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tomhumf

Kiln bricks as props

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I need some short props for my next bisque firing. I was thinking of cutting some squares of soft kiln bricks as a temporary measure. There won't be much load on my little shelves. Will this cause any problems do you think? I know it's not a long term option with the fragile, dusty nature of them. 

Edited by tomhumf

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As I am getting older my big Skutt was getting harder for me to unload and load so I decided to put in a false floor.   I filled the bottom with bricks from a kiln that I had taken apart,  I left my Skutt ventilation holes uncovered and then put a kiln shelf on top of them.    I haven't had any problems with dust in my glazes and it has been a couple of years since I did this.    I wouldn't put my glazed work right next to the cut off bricks.   I called Skutt when I did this and they didn't think it would fire properly,  I have the best consistent firings  now and never worry about that cold bottom section anymore.  Denice

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Having pieces of broken shelves (I call them nerds) work super well to add a little space on top of posts when loading. Soft bricks are a BAD idea as they will crush and the powder will get all over.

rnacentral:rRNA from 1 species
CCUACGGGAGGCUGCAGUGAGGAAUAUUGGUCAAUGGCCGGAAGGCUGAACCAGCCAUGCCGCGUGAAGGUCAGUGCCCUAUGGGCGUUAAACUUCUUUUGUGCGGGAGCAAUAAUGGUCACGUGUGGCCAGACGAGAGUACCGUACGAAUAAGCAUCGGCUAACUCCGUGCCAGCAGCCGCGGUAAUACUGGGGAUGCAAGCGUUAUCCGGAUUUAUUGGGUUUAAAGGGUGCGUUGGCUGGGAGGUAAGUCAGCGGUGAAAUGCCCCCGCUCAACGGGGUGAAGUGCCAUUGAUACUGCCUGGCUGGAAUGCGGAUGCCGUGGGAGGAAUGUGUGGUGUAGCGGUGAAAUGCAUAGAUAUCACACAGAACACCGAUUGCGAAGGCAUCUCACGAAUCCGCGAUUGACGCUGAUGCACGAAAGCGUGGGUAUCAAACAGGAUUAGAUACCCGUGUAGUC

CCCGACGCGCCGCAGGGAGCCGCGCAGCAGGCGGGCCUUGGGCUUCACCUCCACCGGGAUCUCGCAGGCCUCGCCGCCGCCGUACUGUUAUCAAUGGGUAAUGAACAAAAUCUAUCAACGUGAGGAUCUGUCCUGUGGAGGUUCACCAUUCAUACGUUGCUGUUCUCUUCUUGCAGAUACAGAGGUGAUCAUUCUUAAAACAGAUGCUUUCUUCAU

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3 hours ago, Denice said:

As I am getting older my big Skutt was getting harder for me to unload and load so I decided to put in a false floor.   I filled the bottom with bricks from a kiln that I had taken apart,  I left my Skutt ventilation holes uncovered and then put a kiln shelf on top of them.    I haven't had any problems with dust in my glazes and it has been a couple of years since I did this.    I wouldn't put my glazed work right next to the cut off bricks.   I called Skutt when I did this and they didn't think it would fire properly,  I have the best consistent firings  now and never worry about that cold bottom section anymore.  Denice

I think this is a different situation that what tomhumf is describing. I believe he's talking about using soft brick as a shelf post. They do not have the strength to work for that application. I know people who have tried, and the bricks crumble.

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I'd shy away form soft brick too, but that's already been said. I use pieces of sliced kiln shelf I've had around.

In thcase of just making a shelf not teeter and ock from slight unveness I just use a wad of clay to stabilize it. Good to let it dry a day before firing.

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